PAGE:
Whenever I threatened to get rid of them, Chris continued to object.  He wouldn't hear of it.  Instead, he'd go outside and, garden clippers in hand, sit on a deck chair near the pots and painstakingly remove every brown stem, every spent flower.  From the kitchen window, I watched him try to save what little was left.  He seemed like a child, willing a dead bug back to life.

Chris's restoration routine took place twice this summer, on both baskets.  No matter how bad they looked, he cared for them as though his tender, loving touch was sure to return their vigor. The amount of love and attention he devoted to them broke my heart.  I wished, for his sake, they'd recover, but when there's no hope, there's no hope.  Why couldn't he see that?

Before Chris left to visit his dad in Castlegar a few weeks ago, I told him the two baskets would be gone when he returned.  I told him maybe he couldn't do what needed to be done, but I could. And I was determined I would.  I couldn't imagine keeping them around until autumn. Sarcastically, I told him to say his good-byes because that's the last he'd see of them.  

He gave me the unhappy face.  Disgusted, he told me I was heartless, had no respect for living things.  "I'm sure you can't wait until I leave," he said, "so you can get rid of them."  "You're damn right," I responded.  "I'm not looking at those ugly things until September.  They've upset my sensibilities long enough.  Why do you still want to keep them around?  Can't you see they're dead."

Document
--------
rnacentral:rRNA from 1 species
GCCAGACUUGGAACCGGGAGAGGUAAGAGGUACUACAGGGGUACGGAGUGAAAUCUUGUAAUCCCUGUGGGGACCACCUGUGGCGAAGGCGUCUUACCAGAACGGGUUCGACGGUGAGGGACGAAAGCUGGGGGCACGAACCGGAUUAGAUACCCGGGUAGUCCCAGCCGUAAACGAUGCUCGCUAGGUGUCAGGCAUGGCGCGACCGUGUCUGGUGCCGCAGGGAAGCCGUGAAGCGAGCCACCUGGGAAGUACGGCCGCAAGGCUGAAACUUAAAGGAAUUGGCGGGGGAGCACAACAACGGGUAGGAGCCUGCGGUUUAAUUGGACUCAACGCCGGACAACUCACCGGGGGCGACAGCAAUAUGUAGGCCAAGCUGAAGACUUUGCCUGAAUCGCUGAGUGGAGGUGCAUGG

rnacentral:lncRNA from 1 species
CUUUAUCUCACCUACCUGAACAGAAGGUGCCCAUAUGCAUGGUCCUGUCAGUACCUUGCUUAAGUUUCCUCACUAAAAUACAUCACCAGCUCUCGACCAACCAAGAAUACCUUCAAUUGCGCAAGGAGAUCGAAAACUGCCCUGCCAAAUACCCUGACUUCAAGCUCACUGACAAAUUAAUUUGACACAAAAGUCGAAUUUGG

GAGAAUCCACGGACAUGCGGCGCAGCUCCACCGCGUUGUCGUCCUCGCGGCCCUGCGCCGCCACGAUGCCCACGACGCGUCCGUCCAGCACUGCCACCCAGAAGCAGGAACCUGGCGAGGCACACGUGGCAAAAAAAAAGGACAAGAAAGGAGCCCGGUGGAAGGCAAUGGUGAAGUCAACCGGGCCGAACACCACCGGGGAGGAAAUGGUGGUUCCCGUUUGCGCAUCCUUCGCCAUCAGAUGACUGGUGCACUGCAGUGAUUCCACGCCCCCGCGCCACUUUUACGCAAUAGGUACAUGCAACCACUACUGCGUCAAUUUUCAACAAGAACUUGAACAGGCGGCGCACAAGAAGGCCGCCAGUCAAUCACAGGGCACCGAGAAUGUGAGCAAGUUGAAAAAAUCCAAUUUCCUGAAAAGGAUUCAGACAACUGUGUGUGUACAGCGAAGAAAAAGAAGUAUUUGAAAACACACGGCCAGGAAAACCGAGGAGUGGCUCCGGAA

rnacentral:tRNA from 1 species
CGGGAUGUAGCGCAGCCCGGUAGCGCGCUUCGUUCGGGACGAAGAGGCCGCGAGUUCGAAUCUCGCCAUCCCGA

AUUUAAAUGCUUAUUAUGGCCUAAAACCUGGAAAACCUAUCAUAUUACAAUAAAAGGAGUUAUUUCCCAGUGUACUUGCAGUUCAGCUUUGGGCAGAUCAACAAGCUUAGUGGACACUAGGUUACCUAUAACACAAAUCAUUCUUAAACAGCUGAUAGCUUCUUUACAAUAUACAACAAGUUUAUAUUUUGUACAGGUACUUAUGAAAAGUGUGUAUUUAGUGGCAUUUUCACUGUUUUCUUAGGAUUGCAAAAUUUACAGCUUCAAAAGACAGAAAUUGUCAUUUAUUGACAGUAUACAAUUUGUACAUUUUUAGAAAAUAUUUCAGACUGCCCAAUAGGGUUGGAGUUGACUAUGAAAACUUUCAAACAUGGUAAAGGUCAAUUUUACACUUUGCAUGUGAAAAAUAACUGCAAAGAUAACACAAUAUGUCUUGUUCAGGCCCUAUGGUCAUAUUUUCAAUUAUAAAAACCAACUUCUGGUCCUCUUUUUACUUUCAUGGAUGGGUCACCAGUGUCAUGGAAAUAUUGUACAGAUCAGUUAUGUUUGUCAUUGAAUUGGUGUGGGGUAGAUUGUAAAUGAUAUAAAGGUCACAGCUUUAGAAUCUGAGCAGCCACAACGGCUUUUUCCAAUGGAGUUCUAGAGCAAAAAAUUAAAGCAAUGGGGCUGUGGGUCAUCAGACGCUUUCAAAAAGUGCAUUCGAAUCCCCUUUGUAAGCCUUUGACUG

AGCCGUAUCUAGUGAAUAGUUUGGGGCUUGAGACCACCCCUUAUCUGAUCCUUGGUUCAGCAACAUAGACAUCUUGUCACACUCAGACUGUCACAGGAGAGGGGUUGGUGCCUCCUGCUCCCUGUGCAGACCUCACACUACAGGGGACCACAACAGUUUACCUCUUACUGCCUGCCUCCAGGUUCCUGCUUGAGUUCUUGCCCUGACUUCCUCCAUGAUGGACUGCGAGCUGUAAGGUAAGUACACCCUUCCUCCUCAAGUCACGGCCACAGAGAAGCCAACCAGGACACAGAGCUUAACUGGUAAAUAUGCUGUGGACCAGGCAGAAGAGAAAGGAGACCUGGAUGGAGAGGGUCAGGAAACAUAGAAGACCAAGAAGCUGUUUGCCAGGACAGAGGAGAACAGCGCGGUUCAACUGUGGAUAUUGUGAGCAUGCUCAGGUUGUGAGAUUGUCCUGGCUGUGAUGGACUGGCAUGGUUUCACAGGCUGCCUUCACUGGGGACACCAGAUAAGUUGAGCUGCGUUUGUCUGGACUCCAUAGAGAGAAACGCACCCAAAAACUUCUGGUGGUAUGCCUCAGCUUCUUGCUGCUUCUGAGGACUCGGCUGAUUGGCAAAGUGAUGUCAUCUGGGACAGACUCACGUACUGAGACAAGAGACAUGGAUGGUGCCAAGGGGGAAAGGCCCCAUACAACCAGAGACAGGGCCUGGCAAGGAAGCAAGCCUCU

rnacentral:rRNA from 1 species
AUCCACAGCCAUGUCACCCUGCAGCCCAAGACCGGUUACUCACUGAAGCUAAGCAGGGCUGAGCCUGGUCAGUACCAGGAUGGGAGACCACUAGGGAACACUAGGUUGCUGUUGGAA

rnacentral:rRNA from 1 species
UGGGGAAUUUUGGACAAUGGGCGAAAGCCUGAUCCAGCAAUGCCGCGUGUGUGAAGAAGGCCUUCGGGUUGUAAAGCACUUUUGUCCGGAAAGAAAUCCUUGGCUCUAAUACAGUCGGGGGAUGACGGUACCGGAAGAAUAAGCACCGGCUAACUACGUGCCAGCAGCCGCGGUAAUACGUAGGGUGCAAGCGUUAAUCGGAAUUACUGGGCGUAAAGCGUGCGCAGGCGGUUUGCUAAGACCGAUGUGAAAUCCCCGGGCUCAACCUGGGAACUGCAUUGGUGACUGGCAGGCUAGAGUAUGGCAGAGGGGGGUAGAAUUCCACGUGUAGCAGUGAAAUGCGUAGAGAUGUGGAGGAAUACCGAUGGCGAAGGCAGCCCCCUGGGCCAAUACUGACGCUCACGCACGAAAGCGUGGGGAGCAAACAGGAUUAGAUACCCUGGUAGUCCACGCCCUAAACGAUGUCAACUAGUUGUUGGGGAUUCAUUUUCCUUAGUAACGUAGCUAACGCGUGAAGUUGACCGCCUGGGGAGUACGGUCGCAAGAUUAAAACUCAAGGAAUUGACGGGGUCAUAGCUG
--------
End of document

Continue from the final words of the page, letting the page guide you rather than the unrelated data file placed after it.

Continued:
Only, I couldn't do it.  Not only could I not do it, but when I tended to the garden while Chris was away, I watered the two hanging baskets as well.  Every evening I looked at them, shook my head in disbelief, and wondered why we still had them, why we'd allowed them to bring down the appearance of our deck for so many weeks.  What was so important about these two damn hanging baskets?

After my run this morning, I looked at them again, still sitting on the overturned pots next to the fence on the side of our back deck--uglier than ever, waiting for someone to put them out of my misery.  But I'm afraid that won't be me, because I can't do it.  Every time I look at them, I see Chris through the kitchen window, his back to me, sorting the dead from the live, carefully clipping here and there.  

At some point, they ceased being flower baskets and became extensions of Chris, surrogates while he was away on vacation.  And every time I was near them, I felt him, even though he was hundreds of miles away.  I felt the care and attention he'd put into them, the love, really, and getting rid of them would have felt like getting rid of him, which I could no more do than...                                  


  1. Oh, good grief!

    As I read your post, I kept thinking of Charlie Brown's Christmas tree. We are lucky to have people in our lives who continue to see hope when the rest of us have moved on.